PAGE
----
Non-native fish are main consumers of salmon in reservoirs, researchers find

by Sean Nealon, Oregon State University
September 22, 2021

When warmwater fish species like bass, walleye and crappie that are not native to the Pacific Northwest, but prized by some anglers, overlap with baby spring chinook salmon in reservoirs in Oregon’s Willamette River they consume more baby salmon than native fish per individual, new research found.

The research by Oregon State University, Oregon Department of Fish and Wildlife and U.S. Forest Service Pacific Northwest Research Station scientists, recently published in the journal Ecosphere, may have implications for threatened salmon and future management strategies.

“Mixed stock fisheries are complicated and always changing,” said Christina Murphy, lead author of the paper who is a courtesy faculty member at OSU and a biologist with the U.S. Geological Survey in Maine. “We are providing the science to help managers identify tradeoffs to make the best management decisions for each individual location.”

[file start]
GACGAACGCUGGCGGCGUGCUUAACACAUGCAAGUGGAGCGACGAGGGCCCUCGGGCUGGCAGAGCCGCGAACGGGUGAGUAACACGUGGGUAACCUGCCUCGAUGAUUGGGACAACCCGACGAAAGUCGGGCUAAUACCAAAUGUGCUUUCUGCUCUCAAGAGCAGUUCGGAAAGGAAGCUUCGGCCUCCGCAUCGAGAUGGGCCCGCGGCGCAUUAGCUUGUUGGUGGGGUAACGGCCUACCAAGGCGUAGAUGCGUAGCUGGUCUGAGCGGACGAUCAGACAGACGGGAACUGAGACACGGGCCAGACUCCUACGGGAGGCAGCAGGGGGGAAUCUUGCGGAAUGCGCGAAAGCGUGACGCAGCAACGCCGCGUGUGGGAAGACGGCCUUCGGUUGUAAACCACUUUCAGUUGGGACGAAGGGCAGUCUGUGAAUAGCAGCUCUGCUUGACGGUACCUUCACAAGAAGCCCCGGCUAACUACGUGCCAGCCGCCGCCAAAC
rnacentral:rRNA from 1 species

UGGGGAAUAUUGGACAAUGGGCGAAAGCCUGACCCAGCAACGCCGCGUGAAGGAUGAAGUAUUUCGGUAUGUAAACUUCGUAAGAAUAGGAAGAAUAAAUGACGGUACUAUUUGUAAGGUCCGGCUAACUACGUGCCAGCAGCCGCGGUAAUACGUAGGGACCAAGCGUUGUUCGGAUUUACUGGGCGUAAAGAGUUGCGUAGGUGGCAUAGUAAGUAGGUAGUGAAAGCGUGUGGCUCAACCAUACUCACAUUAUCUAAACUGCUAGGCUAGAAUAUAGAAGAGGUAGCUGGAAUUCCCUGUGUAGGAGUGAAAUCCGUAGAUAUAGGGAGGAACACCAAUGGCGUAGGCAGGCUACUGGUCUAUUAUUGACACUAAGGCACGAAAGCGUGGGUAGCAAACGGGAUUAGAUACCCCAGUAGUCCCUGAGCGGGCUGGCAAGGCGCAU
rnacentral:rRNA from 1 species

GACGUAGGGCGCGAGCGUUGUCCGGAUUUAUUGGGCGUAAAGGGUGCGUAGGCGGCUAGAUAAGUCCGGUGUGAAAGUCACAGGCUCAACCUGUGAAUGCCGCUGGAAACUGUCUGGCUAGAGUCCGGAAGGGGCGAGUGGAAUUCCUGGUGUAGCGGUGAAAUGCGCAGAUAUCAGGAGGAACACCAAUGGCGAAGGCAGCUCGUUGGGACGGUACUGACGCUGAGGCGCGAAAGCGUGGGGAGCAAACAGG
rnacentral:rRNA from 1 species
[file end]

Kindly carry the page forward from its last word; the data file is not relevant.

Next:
Fisheries managers in Oregon are increasingly identifying and grappling with threats posed by illegally introduced or invasive species overlapping with native fish populations. In part due to this new research, management actions now include removing harvest restrictions on non-native warmwater fish species, which are sought by some anglers because of their white, flaky meat and sporty fighting ability, where their presence may have negative impacts on sensitive native fish species, such as salmon.

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